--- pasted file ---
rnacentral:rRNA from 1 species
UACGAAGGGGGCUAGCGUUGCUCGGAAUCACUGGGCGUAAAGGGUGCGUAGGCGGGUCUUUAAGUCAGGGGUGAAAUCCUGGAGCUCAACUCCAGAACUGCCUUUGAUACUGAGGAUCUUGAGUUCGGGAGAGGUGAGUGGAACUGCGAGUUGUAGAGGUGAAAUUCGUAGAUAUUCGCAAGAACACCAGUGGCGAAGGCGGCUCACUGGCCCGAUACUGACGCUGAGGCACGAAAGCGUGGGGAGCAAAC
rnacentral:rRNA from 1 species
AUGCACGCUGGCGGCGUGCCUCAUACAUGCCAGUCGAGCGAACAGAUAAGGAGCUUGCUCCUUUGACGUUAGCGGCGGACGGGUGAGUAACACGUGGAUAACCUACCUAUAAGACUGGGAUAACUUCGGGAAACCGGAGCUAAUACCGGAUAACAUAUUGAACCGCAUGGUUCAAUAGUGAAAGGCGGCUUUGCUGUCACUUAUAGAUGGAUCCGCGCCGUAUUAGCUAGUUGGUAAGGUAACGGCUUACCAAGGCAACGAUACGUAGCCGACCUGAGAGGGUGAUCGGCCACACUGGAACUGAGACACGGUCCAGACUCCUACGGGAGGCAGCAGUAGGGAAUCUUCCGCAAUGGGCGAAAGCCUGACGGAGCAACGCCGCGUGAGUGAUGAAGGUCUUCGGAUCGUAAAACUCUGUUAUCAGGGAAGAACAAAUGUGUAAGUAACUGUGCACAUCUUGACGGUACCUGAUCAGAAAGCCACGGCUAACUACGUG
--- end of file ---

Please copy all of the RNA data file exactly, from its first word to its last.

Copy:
rnacentral:rRNA from 1 species
UACGAAGGGGGCUAGCGUUGCUCGGAAUCACUGGGCGUAAAGGGUGCGUAGGCGGGUCUUUAAGUCAGGGGUGAAAUCCUGGAGCUCAACUCCAGAACUGCCUUUGAUACUGAGGAUCUUGAGUUCGGGAGAGGUGAGUGGAACUGCGAGUUGUAGAGGUGAAAUUCGUAGAUAUUCGCAAGAACACCAGUGGCGAAGGCGGCUCACUGGCCCGAUACUGACGCUGAGGCACGAAAGCGUGGGGAGCAAAC
rnacentral:rRNA from 1 species
AUGCACGCUGGCGGCGUGCCUCAUACAUGCCAGUCGAGCGAACAGAUAAGGAGCUUGCUCCUUUGACGUUAGCGGCGGACGGGUGAGUAACACGUGGAUAACCUACCUAUAAGACUGGGAUAACUUCGGGAAACCGGAGCUAAUACCGGAUAACAUAUUGAACCGCAUGGUUCAAUAGUGAAAGGCGGCUUUGCUGUCACUUAUAGAUGGAUCCGCGCCGUAUUAGCUAGUUGGUAAGGUAACGGCUUACCAAGGCAACGAUACGUAGCCGACCUGAGAGGGUGAUCGGCCACACUGGAACUGAGACACGGUCCAGACUCCUACGGGAGGCAGCAGUAGGGAAUCUUCCGCAAUGGGCGAAAGCCUGACGGAGCAACGCCGCGUGAGUGAUGAAGGUCUUCGGAUCGUAAAACUCUGUUAUCAGGGAAGAACAAAUGUGUAAGUAACUGUGCACAUCUUGACGGUACCUGAUCAGAAAGCCACGGCUAACUACGUG